Another thing that popped up in this paper is that while social engagement online wasn’t as high as it could be, social engagement in meatspace was unexpectedly common. There were lots of people taking the course with their kids or other family members at home, and they would sit and do the course together. So, here is another takeaway suggestion: find ways to increase social engagement by giving people things to do at home together, in the physical world. Maybe we could provide suggestions for local museum trips or fossil sites based on where people in the course are based, or give some suggestions for hands-on activities people can do with stuff you find in your house.
Finally, there were mixed feelings about engagement with the instructors of the course (here limited to Phil Currie and Betsy Kruk, who presented the material, but excluding myself and the other teaching assistants who did most of the online interactions in the forums). Some students felt like they had a good connection with Phil and Betsy despite the scripted presentations, and others found they didn’t like the scripted format at all. Strangely, the paper doesn’t include much discussion about engagement with the instructors (and here I’m including the TAs) in the discussion forums, the only part of the course where that was really possible given the pre-recorded nature of the videos.
My final comment here is that if engagement with an instructor is important for social engagement in MOOCs (and I think engagement with the instructor is important in education generally, so it should probably be important in MOOCs), I don’t know what we’re going to do. One of the comments from the interviews that’s highlighted in the paper is that one student didn’t have his question answered in the forums – and with my reading between the lines, that probably means we failed to socially engage this student, which sucks. I feel badly that a student felt ignored. But the reality is also that we had 23 000 people enrolled in Dino101, and had to manage hundreds of forum posts on very limited time budgets, in addition to managing the for-credit version of the course at the university. There is no way to scale up personal interactions between students and instructors in a learning environment without scaling up your teaching staff – either you need more instructors (in the form of profs, TAs, whatever), or you need fewer students, or you’re not going to be able to interact with every student that wants interaction. And we shouldn’t be asking instructors in a university to educate for free, so somebody needs to be paying for those extra people. So that’s one more important takeaway here: social engagement requires a lot of time investment from the instructors to encourage discussion and set up an environment that encourages social interaction, so if you want to run a MOOC with high social engagement, you need to budget money for lots of instructor/TA time.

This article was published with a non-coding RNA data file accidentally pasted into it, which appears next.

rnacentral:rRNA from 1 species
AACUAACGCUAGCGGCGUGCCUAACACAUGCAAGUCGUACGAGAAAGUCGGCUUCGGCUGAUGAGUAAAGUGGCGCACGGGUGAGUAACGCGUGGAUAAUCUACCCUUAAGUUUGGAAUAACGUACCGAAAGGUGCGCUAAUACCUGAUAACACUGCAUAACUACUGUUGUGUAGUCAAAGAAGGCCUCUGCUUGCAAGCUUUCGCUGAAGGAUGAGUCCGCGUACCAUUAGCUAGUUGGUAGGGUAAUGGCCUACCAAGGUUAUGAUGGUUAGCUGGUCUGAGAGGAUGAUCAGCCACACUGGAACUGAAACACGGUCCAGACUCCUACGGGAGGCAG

Anyway, that’s probably one of the last posts I’m going to have about Dino101/MOOCs for a while, but I thought I would mention one other piece of news: before I moved down to Raleigh in 2014, I had started work on some new palaeontology mini-MOOCs in my role as the Science Digital Learning Manager at the UofA. After much hard work from the palaeo crew at the UofA, these courses are now just about finished and will be launching on Coursera over the next few weeks – if you liked Dino101, you might want to take a look at Theropods and the Origin of Birds (starting later in January), Ancient Marine Reptiles (starting in February), and Early Vertebrate Evolution (starting in March, not yet available for registration at Coursera but keep an eye on the UofA’s page there).